Munnabhai MBBS (2003) and the Germination of Medical Humanities in India

Shrishti Dey, Anandita Saraswat and Aratrika Das reflect upon the need to assimilate a humanistic understanding of medicine into the landscape of Indian healthcare through Rajkumar Hirani’s 2003 film, Munnabhai MBBS.

Munnabhai MBBS and the modern hospital setup

Munnabhai MBBS (2003), a Hindi-language dramatic comedy, written and directed by Rajkumar Hirani, attempts to understand the commercialised functioning of medicine and the institutionalisation of the hospital space. The film, set in Grant Medical College, Mumbai (Maharashtra, India), critiques the transformation of medicine into a “service rendered” under the Consumer Protection Act (1986; see Bhat 1996). Hirani employs the character of Munna, played by Sanjay Dutt, to present a possible anomaly to the medical system in India. Munna is an illiterate goon, turned doctor, who uses unethical means to pass the medical exam in order to win over Chinki, played by Gracy Singh, daughter of the Dean of Grant Medical College, Dr Asthana, played by Boman Irani.

Over the course of the film, Munna becomes an insider, examining the internal machinations of the hospital through a closer lens and finding himself regularly appalled by them. He wears a white coat and plays the role of a doctor, only to discover many deficiencies in the profession. As much a misfit as he could be, Munna wishes to reform the norms of the medical space and transform it into a rehabilitative sanctuary, by sharing his Jadoo ki Jhappi (magical hug) with the patients.

Munna’s idea of a hug bridging the chasm between the doctor and patient is contrasted with Dr Asthana’s attitude, which is based on the practice of cornering the patient into “the non-hygienic, non-rational, disordered other” (Gordon 2005, 5). The film constitutes a microcosm to depict the medical situation in India, with Dr Asthana reflecting a recurrent attitude among doctors, nationwide. This highlights why a humanistic understanding of disease and caregiving practices is needed in the subcontinent: a need that could be met by the discourse of medical humanities.

Care vs cure

Modern medicine often relies on the biomedical model of disease (see Jecker and Self 1991).  This model, which banks upon objective indices of cure and the ethics of the medical profession, ignores the emotional and psychological needs of the patient. The concept of cure is now intertwined with the legalities of the profession. In one scene, the doctors are clearly reluctant to admit a patient, following an attempt to take his own life. As his mother wails in sorrow, they consider the legal repercussions that might envelop the hospital in the wake of admitting a patient who had attempted suicide. Owing to the absence of formal medical training, Munna, who lets emotion drive his advances towards his patients, is shocked to hear a doctor say, “Casualty mein le ja, I’m off duty now” (Take him to Casualty, I’m off duty now). Nobody, apart from Munna, extends compassion to the mother in distress. Likewise, the doctors treat the young boy as just another case who need not be attended to, if their duty hours are over. Filling out forms to ensure no legal sword falls on the hospital when a treatment becomes unsuccessful is a practical, yet sad, state of medicine today. The film, through Munna, voices the concerns of the common man in India: how necessary is it to fill up a form when a dying patient enters the corridors of the hospital?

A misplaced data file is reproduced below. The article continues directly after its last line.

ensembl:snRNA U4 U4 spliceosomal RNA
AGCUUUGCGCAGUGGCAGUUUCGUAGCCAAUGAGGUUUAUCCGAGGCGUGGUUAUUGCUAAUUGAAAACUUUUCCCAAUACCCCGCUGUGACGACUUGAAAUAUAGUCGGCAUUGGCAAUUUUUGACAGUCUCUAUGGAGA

Foucault, the medical gaze and “anatomo-clinical perception”

It is through defamiliarising the clinical space that the film emphasises the idea of the medical gaze, conceptualised by French philosopher and historian Michel Foucault in The Birth of the Clinic ([1963] 2003). Foucault examines the clinic as a space marked by the increased prominence of a gaze that emphasises an empirical understanding of disease in terms of visible symptoms; the gaze makes the diseased body the source of knowledge. This notion of the medical gaze as fundamental to clinical spaces runs throughout the film, serving to emphasise the symptoms and disease of the patient, over their experience of them. This is visible in Dr Asthana’s treatment of a colleague, Rustom’s father. He first examines the patient, prescribes a sugar test and asks the nurse to give him a glucose drip while the camera zooms in on the needle and the hand of the patient, focusing on the empirical evidence of the disease and, in turn, dehumanising the patient.


Source: Unsplash

In contrast, the film defamiliarises this clinical space by making Munna and his friends play carrom in the hospital, which draws the viewer’s attention away from the disease and symptoms and onto the patient experiencing the disease. R. S. Khare (1996, 838), in “Dava, Daktar and Dua: An Anthropology of Practised Medicine in India”, notes how Indians “ground their medical reasoning and practice within their distinct religious/moral conceptions of the body, self, personal well-being, soul, society and cosmos.” The inclusion of a carrom board, set up in the morose environment of the hospital, upholds this notion of ideal medical practice in India but, sadly, is seen as unreal and utopian when expressed through the movie. This key deficiency of health care in India is foregrounded when the essence of medical practice, as highlighted by Khare (1996), comes across as an anomaly in the current scenario, making Munna an object of ridicule and turning the film into a comedy.